We’ve all been there. You’re standing in your doctor’s exam room and she’s ready to wrap things up. She casually asks, “Do you have any questions?” and instantly, your mind goes blank. It’s not until you’re driving home that you remember what you wanted to ask and the rest of the day, you’re kicking yourself.
Don’t worry; it happens to the best of us. But advocating for your own breast health is one of the best things you can do for yourself. So, don’t wait for your doctor to start the conversation. Here are a few questions for next time. Or better yet, to print out and take with you.
1. Would you perform a clinical breast exam (CBE) today?
If your health care provider doesn’t perform a breast exam, ask for one. They won’t mind. An exam takes little time and could find something that needs to be checked.
2. What is my risk of breast cancer?
Breast cancer risk is determined by a number of factors including age, ethnicity, family history, lifestyle, hormone levels, breast density and more. Ask your doctor to access your risk. Understanding your risk can help you make informed choices about your health.
3. When should I start getting mammograms?
If you’re at average risk, start getting mammograms at age 40. If you are at higher risk, talk with your doctor about when you should start getting mammograms (or other screening tests) and how often to have them. You can also download our Questions to Ask Your Doctor about Mammography to bring to your appointment.
4. How often should I get a mammogram?
Susan G. Komen® believes all women should have access to regular screening mammograms when they and their health care providers decide it is best based on their personal risk of breast cancer. Breast cancer screening is important for all women. Women at higher than average risk may need breast cancer screening earlier and more often than women at average risk. Talk with your doctor about how often you should get mammograms.
5. Is my mammogram covered by insurance?
Screening mammograms are covered by most insurance, including Medicare and Medicaid. Since 2010, the Affordable Care Act has required all plans to cover screening every one to two years with no out-of-pocket costs for women ages 40 and older. Also, low-cost and free mammograms are offered through national and local programs. Call our Breast Care Helpline at 1-877 GO KOMEN (1-877-465-6636) for resources in your area.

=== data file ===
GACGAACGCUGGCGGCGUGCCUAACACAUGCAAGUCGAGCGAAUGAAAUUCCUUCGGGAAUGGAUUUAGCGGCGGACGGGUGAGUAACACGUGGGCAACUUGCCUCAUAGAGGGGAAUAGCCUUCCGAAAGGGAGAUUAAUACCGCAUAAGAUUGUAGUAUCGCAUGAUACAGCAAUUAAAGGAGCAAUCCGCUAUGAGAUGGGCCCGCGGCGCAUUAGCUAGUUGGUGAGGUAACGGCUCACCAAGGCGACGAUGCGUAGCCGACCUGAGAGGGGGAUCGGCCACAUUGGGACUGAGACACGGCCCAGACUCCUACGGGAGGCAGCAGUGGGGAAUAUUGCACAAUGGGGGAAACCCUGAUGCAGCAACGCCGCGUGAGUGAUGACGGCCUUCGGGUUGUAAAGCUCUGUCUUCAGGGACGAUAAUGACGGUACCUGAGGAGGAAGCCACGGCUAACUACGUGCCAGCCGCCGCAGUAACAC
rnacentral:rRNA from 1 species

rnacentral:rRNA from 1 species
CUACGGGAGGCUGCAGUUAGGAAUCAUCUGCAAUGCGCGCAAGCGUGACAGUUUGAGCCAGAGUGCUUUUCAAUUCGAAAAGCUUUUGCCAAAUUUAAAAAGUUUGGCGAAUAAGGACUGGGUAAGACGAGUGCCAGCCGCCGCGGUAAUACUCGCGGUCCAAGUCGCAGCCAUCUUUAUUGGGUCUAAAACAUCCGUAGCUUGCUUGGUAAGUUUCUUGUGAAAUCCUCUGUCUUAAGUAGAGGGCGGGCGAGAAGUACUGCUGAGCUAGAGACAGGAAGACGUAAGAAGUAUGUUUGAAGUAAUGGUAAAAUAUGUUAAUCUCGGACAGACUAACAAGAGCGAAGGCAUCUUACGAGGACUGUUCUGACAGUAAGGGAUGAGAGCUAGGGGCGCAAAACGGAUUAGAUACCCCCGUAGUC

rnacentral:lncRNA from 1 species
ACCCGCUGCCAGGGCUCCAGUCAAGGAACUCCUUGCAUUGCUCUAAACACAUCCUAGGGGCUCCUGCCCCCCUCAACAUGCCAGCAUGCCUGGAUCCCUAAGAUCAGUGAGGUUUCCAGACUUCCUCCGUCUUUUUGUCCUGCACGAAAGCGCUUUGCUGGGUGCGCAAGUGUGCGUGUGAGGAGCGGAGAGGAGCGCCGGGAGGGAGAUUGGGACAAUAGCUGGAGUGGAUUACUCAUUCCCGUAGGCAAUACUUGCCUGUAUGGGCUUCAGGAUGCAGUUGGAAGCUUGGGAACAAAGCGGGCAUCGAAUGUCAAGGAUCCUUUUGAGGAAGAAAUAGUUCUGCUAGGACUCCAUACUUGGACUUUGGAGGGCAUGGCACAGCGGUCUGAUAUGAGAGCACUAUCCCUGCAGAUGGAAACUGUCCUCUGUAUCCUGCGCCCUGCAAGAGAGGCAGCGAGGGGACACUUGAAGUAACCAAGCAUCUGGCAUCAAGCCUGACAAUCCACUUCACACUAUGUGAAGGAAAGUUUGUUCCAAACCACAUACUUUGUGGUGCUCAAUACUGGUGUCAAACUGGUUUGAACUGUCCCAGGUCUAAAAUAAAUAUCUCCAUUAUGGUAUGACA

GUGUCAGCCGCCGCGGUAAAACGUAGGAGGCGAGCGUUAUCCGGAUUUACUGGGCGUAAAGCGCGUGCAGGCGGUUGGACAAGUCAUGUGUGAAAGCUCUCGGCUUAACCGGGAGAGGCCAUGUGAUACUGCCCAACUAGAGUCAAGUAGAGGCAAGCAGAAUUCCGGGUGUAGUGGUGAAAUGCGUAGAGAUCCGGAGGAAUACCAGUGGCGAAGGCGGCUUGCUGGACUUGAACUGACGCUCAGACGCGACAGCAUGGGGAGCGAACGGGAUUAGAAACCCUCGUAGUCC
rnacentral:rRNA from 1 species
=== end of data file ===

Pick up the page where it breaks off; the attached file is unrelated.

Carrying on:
6. Is my mammogram scheduled at an FDA certified center?
Congress enacted the Mammography Quality Standards Act (MQSA) in 1992 toensure all facilities meet national standards. To find a certified mammography center in your area, visit the FDA website.
7. Does my radiologist specialize in mammography?
Radiologists who read a lot of mammograms are generally better able to interpret the images than radiologists who don’t read them as often. A high-volume mammography center may help you feel assured your mammogram will be read correctly. In general, though, lower-volume centers are just as good at reading mammograms and most lower-volume, certified mammography centers provide quality screening.
8. Is there another type of screening I should be getting instead?
Mammography is the most effective screening tool used today to find breast cancer in most women. If a clinical exam or screening mammogram shows a suspicious finding, other tests may be recommended as follow-up, such as a diagnostic mammogram, breast ultrasound or breast MRI. If you are at higher risk of breast cancer, a mammogram and breast MRI may be recommended for screening.
If you have a physical disability, have breast implants (which can make it harder to read a mammogram), are pregnant or are breastfeeding, ask your doctor about what tests are right for you. As with implants, the tissue in your breasts while breastfeeding may appear dense on a mammogram, making it hard to read. So, it’s best to wait until after you stop breastfeeding to get a routine screening mammogram. Discuss the best timing to get a mammogram with your health care provider if you’re due for screening. If you have any concerns about your breasts while you’re breastfeeding (such as finding a lump or other change), see your provider.